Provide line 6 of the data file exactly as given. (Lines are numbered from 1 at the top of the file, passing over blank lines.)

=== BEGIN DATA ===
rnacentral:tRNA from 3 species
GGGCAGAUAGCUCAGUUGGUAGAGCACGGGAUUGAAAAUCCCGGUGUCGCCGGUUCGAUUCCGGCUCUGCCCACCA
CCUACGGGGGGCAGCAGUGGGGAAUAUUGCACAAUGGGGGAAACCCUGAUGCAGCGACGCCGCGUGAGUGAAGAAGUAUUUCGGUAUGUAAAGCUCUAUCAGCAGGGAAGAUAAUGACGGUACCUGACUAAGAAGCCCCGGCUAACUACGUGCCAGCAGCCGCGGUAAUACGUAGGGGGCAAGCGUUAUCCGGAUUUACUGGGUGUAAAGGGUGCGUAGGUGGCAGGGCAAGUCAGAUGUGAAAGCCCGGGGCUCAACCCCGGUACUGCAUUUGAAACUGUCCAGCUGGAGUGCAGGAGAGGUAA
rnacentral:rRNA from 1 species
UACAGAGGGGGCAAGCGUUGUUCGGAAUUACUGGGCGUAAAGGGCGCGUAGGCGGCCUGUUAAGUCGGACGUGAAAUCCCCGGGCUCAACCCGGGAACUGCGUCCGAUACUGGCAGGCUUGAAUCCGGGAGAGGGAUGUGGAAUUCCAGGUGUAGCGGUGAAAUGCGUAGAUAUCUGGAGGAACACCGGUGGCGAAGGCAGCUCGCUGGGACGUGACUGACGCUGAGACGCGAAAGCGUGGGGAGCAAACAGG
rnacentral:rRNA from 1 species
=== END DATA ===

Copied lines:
rnacentral:rRNA from 1 species